It’s a strange little Bank Holiday Monday that pops up each year between Easter and Whitsuntide and takes many of us by surprise. In fact many people seem unsure why they get a day off for May Day at all.
In fact, this ancient festival day – which the Celts knew as Beltane – was only declared a national Bank Holiday in the UK as recently as 1978. But instead of making May 1st the national holiday as it is in many other countries, the Government decided to instigate the spring bank holiday on the first Monday in May. Hence May Day itself – May 1 – is not a public holiday in England except when it happens to fall on a Monday.
This year the holiday falls on Monday May 2nd, and in towns and villages all over the UK, there’ll be an explosion of traditional celebrations.
Chief, and most colourful among these is dancing around the Maypole, with dancers weaving multicoloured ribbons into glorious patterns.
This ancient rite goes back to the days when on May day, people would cut down young trees and stick them in the ground in the village to mark the arrival of summer. People danced around them in celebration of the end of winter and the start of the fine weather that would allow planting to begin.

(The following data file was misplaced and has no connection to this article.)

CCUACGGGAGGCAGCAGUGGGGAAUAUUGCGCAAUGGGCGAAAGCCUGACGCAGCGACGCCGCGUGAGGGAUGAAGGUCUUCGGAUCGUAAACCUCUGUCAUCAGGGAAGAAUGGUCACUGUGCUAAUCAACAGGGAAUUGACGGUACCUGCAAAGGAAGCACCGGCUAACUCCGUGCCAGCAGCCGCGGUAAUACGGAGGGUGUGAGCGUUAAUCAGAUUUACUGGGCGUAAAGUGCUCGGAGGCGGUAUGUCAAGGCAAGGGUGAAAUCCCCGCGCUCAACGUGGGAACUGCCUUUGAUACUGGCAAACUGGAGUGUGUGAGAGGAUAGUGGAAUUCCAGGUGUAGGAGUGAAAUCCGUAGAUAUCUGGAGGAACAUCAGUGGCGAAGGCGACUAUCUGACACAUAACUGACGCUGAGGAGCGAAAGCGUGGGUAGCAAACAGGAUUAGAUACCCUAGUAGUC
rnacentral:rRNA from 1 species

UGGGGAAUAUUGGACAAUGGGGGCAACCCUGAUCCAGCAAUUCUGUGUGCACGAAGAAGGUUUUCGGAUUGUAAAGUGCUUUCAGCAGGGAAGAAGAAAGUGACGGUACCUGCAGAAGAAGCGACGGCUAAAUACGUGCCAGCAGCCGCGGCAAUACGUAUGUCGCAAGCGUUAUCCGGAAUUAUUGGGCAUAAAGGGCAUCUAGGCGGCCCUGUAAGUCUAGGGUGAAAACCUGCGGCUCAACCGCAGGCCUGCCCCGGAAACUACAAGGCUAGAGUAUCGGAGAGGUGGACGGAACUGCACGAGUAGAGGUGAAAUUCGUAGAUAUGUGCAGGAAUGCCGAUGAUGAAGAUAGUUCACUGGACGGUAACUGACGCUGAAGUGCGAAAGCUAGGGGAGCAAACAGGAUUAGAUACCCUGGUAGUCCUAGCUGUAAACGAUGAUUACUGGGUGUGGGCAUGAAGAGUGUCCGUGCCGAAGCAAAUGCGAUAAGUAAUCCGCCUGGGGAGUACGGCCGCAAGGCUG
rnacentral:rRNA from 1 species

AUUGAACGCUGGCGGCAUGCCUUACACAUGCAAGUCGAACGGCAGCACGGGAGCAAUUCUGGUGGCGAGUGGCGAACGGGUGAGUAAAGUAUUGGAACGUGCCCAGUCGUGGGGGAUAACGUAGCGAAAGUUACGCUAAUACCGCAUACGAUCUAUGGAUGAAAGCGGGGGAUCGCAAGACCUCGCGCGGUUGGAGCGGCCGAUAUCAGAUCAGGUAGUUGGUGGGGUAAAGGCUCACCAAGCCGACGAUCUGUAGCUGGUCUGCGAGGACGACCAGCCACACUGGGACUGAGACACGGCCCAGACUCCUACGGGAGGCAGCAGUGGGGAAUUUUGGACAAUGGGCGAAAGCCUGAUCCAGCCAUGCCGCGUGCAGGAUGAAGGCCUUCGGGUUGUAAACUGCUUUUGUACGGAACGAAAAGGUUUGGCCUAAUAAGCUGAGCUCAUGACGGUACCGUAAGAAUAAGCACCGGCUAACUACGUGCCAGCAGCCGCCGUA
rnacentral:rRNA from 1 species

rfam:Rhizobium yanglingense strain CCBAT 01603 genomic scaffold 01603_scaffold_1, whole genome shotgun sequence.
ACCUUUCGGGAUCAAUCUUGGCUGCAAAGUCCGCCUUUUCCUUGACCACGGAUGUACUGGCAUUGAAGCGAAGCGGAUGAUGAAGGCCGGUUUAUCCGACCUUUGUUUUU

Maypoles were once common all over England and were kept from one year to the next. Schools would practice skipping round the pole for weeks before the final show on the village greens.
The rest of the day would include festivities such as Morris dancing on the village green, archery contests and exhibitions of strength – and then would come the highlight of the day, with the crowning of the May Queen, who took no part in the games or dancing, but had to sit in a flower-decked throne and watch her ‘subjects’ enjoying themselves.
The theme of all these celebrations was fertility, and literally the ‘rising of the sap’.
The plant most associated with this festival is the Hawthorn, whose creamy-white scented flowers have long been known as May Blossom, and are a welcome messenger of warmer months ahead.
In fact it’s believed that the old saying “Never cast a clout till May is out” – meaning don’t put all your woollies away until the end of May – actually means don’t stash them away until the May blossom comes out.
These lovely blossoms were used to make garlands and posies as part of the outdoor celebrations – but curiously it’s always been considered unlucky to take May blossom indoors – a superstition which is found more widely than for any other plant in the British Isles.
There are many theories for why the blossom might be considered unlucky, but most have to do with its heavy sweet scent, which includes a particular chemical produced by the human body after death!
So, at a time of celebrating sunshine, revelry and fertility, perhaps it’s best to keep the May blossom strictly out of doors!